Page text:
I don’t personally feel like I’m attacking the artist here. Artists are a part of this trend, but it’s something that happens on many levels. The editor wants the book to be recognizable as a part of a certain subgenre. The sales department has ideas about what will sell. The art director sends feedback on what they want. The buyers at the big chain stores reject covers they don’t think will fly off the shelves. It’s a bigger issue, which is something I’ve mentioned before, and will be talking about again.
I’m not sure I agree with you on the objectification piece. Even as you’re writing, you’re saying women should be sexy and strong. They should be sexy, virile, and in control. Each time, “sexy” comes first. And that’s what comes through in a lot of artwork. What’s most important is that the woman be hot. And then, yeah, she can be strong too. (I don’t mean you specifically here, by the way.)
Yes, women *can* be attractive and strong. There’s nothing wrong with women wanting to dress in a way that’s sexy, or flash some skin, or any of that. But it would be so nice if that didn’t feel like the only thing we ever got. Yeah, there are exceptions. But I suspect we both know that the dominant trend starts with women’s boobs, butts, and/or legs.
You say there is absolutely no good to come out of insulting your peers. I can respect that you feel insulted by what I’ve done. I can also tell you that good has indeed come out of this. If you don’t feel that the $15,000 we’ve raised for charity is a good thing, then I could talk instead about the art directors at major publishing companies who have talked to me about how they’ve rethought how they approach their cover art as a result of this project. I could refer you to the artists who have contacted me to say they love what I’m doing, and the discussions it’s generated. I could talk about the many people, particularly women, who are so tired of being portrayed in the same sexist and oversexualized ways, and are grateful to finally see more people questioning those portrayals.
I recognize that I’ve hurt you with this, and I am genuinely sorry for that. It was never my intention to be hurtful, but intention is irrelevant, and I acknowledge that I’ve harmed you. I’m sorry.
But to say that no good has come of this is ingenuous, to say the least.
I’ll be emailing you as well. And I wanted to thank you again for your comment. While I may not agree with 100% of what you say, I very much appreciate it.
January 21, 2013 @ 6:25 pm
Hey Jim, thanks for the response. By slightly ridiculous, I mean things like adding fuzzy squirrels into a battle scene. Or fighting robots in high heels and a dress. As Dan pointed out, we try to be faithful to the novels, though that means we have little control over some things that may work well in the story but come off as campy in visual translation. I’ve certainly found myself in situations where a client wanted something added to the image which, though not morally objectionable to me, felt silly/goofy or even just not visually interesting. In the end, however, we’re hired to help sell a product and the client knows what they want. Believe it or not, we roll our eyes right along with you sometimes, and then we sit down and do what we can to make it look cool. I did NOT say anything about perpetuating sexist trends. Like Dan, I don’t find this piece to be sexist. I’m sure long before Dan was ever a part of this series (and Dan and I worked together on this piece, though I defer to him on story details as he’s been with the series from the first book) the woman in the story was described as an attractive, physically fit woman with a beautiful face. With that in mind, I think all of his comments on why this portrayal is not sexist are spot on. Yes, they wanted her sexy on the cover, but she’s far from a damsel in distress or a girl dreaming of finding the perfect man. I gather that your larger concern is that women are almost only depicted as sexually attractive on book covers (as well as all the lead actresses in Hollywood and television), though I believe it is for the same reason that men on similar products tend to all have broad shoulders, strong jaws, and flat stomachs: heroic ideals dominate in genre entertainment. Hell, they dominate going all the way back to ancient Greece.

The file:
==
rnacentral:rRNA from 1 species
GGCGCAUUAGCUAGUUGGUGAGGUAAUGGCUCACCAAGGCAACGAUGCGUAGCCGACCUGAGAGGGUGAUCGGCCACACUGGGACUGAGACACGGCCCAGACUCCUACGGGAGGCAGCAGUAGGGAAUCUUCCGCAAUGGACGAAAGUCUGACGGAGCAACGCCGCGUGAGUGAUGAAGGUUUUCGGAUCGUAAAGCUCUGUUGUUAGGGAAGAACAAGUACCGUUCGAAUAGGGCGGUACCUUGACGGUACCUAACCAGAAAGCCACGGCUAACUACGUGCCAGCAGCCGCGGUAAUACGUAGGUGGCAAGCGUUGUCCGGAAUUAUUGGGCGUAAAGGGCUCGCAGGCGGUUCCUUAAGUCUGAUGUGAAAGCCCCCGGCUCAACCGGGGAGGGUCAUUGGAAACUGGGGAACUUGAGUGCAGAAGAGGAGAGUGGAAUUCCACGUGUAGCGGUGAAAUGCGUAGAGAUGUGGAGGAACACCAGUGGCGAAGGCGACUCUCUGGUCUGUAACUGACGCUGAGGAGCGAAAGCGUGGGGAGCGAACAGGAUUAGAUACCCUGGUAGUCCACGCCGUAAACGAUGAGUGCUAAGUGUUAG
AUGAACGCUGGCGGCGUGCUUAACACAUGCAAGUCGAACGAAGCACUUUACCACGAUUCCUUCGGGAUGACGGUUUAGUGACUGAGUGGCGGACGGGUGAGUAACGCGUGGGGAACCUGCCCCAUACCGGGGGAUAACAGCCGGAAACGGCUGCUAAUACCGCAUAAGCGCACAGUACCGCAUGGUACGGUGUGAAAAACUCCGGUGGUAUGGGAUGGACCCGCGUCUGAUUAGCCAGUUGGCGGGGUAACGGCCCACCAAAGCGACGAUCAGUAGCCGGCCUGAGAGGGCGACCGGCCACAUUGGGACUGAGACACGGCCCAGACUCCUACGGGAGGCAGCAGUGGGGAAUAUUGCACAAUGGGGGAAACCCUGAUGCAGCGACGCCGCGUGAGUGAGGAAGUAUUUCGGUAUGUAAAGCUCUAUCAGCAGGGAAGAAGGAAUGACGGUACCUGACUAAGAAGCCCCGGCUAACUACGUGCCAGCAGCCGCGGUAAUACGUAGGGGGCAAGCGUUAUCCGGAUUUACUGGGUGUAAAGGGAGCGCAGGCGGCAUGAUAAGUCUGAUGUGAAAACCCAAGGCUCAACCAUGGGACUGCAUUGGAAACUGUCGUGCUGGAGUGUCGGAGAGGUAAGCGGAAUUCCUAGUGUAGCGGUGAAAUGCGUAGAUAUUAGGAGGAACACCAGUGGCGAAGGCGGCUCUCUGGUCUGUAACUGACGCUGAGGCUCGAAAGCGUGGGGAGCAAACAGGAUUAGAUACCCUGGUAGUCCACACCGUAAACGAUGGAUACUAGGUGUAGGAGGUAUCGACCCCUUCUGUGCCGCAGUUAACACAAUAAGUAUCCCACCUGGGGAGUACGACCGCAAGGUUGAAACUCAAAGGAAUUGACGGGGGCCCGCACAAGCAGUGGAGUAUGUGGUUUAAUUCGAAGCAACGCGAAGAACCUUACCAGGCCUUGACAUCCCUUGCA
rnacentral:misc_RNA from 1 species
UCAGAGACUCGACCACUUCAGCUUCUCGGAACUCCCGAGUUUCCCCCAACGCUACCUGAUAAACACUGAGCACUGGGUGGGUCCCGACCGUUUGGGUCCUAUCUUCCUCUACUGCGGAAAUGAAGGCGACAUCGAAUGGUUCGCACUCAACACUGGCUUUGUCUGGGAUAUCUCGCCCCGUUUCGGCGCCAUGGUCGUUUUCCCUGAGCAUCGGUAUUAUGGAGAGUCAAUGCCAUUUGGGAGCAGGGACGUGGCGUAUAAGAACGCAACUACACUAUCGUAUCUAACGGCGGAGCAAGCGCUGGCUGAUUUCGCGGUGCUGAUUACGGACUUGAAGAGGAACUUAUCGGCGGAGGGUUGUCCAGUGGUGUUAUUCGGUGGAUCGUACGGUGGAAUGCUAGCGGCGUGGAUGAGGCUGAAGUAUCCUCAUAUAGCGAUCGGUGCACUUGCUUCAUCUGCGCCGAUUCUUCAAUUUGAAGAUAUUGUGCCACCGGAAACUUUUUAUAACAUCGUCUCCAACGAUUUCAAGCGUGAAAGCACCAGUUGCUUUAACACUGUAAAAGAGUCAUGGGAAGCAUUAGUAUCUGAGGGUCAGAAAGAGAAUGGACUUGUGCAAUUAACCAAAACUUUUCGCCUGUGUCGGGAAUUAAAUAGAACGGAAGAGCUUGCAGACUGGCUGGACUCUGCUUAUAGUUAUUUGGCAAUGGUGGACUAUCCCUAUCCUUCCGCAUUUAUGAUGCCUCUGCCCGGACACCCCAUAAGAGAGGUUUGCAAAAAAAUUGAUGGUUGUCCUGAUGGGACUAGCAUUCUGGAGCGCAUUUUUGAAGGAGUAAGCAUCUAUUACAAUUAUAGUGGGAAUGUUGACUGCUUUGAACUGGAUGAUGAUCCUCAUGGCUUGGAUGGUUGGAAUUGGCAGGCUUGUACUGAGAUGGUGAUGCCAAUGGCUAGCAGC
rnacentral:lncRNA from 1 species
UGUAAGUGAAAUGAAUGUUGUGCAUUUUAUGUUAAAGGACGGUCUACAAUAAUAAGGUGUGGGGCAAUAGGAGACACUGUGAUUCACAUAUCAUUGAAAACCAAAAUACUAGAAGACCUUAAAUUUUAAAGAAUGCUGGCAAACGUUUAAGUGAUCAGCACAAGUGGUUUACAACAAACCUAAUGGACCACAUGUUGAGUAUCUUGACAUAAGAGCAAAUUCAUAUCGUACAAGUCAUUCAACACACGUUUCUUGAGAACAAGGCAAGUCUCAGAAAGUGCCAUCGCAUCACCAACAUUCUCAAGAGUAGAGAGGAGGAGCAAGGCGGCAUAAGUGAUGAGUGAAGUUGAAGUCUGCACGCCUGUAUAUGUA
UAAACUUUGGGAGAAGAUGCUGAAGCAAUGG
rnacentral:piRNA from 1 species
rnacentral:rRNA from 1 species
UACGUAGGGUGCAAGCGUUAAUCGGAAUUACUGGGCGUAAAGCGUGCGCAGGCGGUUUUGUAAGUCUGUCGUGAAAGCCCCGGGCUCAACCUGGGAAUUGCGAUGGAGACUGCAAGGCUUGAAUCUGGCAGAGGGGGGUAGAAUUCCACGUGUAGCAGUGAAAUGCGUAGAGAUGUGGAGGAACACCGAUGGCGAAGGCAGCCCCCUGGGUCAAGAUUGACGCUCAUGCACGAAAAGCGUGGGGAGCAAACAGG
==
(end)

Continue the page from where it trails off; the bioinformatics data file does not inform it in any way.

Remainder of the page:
I’m glad to hear that you’ve raised so much money for people who need it and apologize for what was a cheap shot, though my immediate interpretations of your posts was that they were also cheap shots. We don’t know each other and it is very easy to misinterpret others online, but I do know several of the artists whose work you’ve lampooned and, as Dan clearly stated, we work hard to make our clients and the readers and ourselves all happy. It is not easy to always walk that tightrope.
In regards to authors bad-mouthing artists: Yes, I think some of your posts and the comments which follow can be read that way (again, as Dan clearly stated). I’ve also seen it elsewhere and I’ve dealt with it personally. I won’t rattle off irrelevant anecdotes, but obviously it pushes my buttons when I run across it. Many many authors are exactly the opposite of course but, on occasion, yes.
Ultimately, I feel this is probably the sort of thing where you see devils when you go looking for them. I think, generally speaking, I probably agree with your concerns. I’m mindful of these issues in my own work and was mindful of them (to what degree I could be) when working with NSB. Doubtless some would disagree though it’s a subject where everyone chooses where they draw that line. This piece and some of the others you have chosen to make example of don’t go over that line for me, though clearly they do for you.
January 23, 2013 @ 2:17 am
Hi in case you want a the input of a reader and buyer of books. I think that good cover art is like the the smell of food in a restrant. It get your notce. Notice then you read the back to see what its about. For example the frist Alienn book i found and read was Alien Proliferation my frist tought was cool she is flouting. Then i tought wow whats with the baby. so i read the back the in the frist couple pages to find out the names of the others and i bought the frist book and all the others since. So my point is that one cover has gotten me to buy 6 books.
Then on the other point there have been books that i have not bought because i would be emmbaresed to read them in public afraid someone would think i was reading a dirrty book. There needs to be a happy medium. Its kinda the Grease fanonmon if you show to much or pose wrong it is kinda sluty but if you just stand there in nice aporriate garb then you borring.
p.s. They are not squierls they are poofs and they rock on the cover i hope the pergrins will be on the next.
p.p.s. Sorry for the bad spelling and grammer i have been working all day and i suck at both on a good day.